The addition of Vectibix® (panitumumab) to best supportive care improves survival over best standard care alone among colorectal cancer patients who have stopped responding to chemotherapy. However, the benefit is only seen with patients who have no RAS mutations, or those with only the KRAS exon 2 mutation. These results were recently presented at the 2016 Annual Gastrointestinal Cancers Symposium.
When colon cancer is diagnosed, other tests may be performed on the specimen in order to further classify the cancer and determine the optimal treatment strategy. Based on the results of these tests, treatment of colon cancer is individualized.
Vectibix is an agent that is targeted against the epidermal growth factor receptor (EGFR) pathway. The EGFR pathway is involved in cellular growth and replication, so if it is overexpressed and/or mutated, the replication of cancer cells via the pathway can remain uncontrolled.
Vectibix produces its anti-cancer effects through binding to a specific site along the EGFR pathway, which halts or decreases the cancer cell’s replication.
However, results from prior studies have revealed that EGFR inhibitors only produce anti-cancer effects if there were no mutations within the RAS gene. Further results revealed that a mutation within the region identified as exon 2 of the KRAS gene still confers sensitivity to EGFR inhibitors.
Researchers continue to evaluate different mutations and possible associated responses to EGFR inhibitors to identify patients who do not derive benefit from treatment with that class of agents.
A large clinical trial was recently conducted to compare Vectibix plus best supportive care (BSC), to BSC only among 377 patients with colorectal cancer that had stopped responding to chemotherapy. Patients’ tissue samples from their cancer were tested for specific mutations corresponding to the RAS, KRAS, and NRAS genes. Patients had not received prior therapy with EGFR inhibitors.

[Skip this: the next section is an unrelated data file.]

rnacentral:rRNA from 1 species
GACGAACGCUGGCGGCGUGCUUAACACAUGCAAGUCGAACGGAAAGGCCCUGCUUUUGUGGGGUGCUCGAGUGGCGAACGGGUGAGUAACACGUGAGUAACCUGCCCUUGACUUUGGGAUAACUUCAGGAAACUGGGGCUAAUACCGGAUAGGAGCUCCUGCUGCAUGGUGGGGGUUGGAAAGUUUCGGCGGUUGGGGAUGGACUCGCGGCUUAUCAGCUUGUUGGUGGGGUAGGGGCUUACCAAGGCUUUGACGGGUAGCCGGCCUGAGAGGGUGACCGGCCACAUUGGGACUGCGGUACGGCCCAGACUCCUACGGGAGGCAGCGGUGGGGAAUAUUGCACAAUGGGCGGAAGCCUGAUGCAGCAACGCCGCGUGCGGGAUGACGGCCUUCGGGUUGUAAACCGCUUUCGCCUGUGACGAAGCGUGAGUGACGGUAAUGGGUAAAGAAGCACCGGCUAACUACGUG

- The overall survival was significantly improved among patients treated with Vectibix plus BSC versus BSC only. The survival improvement, however, was only achieved in patients with no RAS mutations, or those with KRAS exon 2 mutations. Patients with other mutations did not receive benefit from treatment with Vectibix.
- Patients with no RAS mutations achieved an even greater benefit from treatment with Vectibix than those with KRAS exon 2 mutations.
- No new safety issues associated with Vectibix treatment were identified.
The researchers stated that the results of this study provide further evidence of “the importance of RAS testing at diagnosis to best inform the use of Vectibix to treat colorectal cancer.”
Patients diagnosed with colorectal cancer should speak with their physician regarding RAS testing as early as possible.
Reference: Kim T-W, Elme A, Kusic Z, et al. An open label, randomized phase III trial evaluating the treatment (tx) effects of panitumumab (pmab) + best supportive care (BSC) versus BSC in chemorefractory wild-type (WT) KRAS exon 2 metastatic colorectal cancer (mCRC) and in WT RAS mCRC. Proceedings from the 2016 Gastrointestinal Cancers Symposium. Abstract 642. Available at: http://meetinglibrary.asco.org/content/159907-173. Accessed January 26, 2016.
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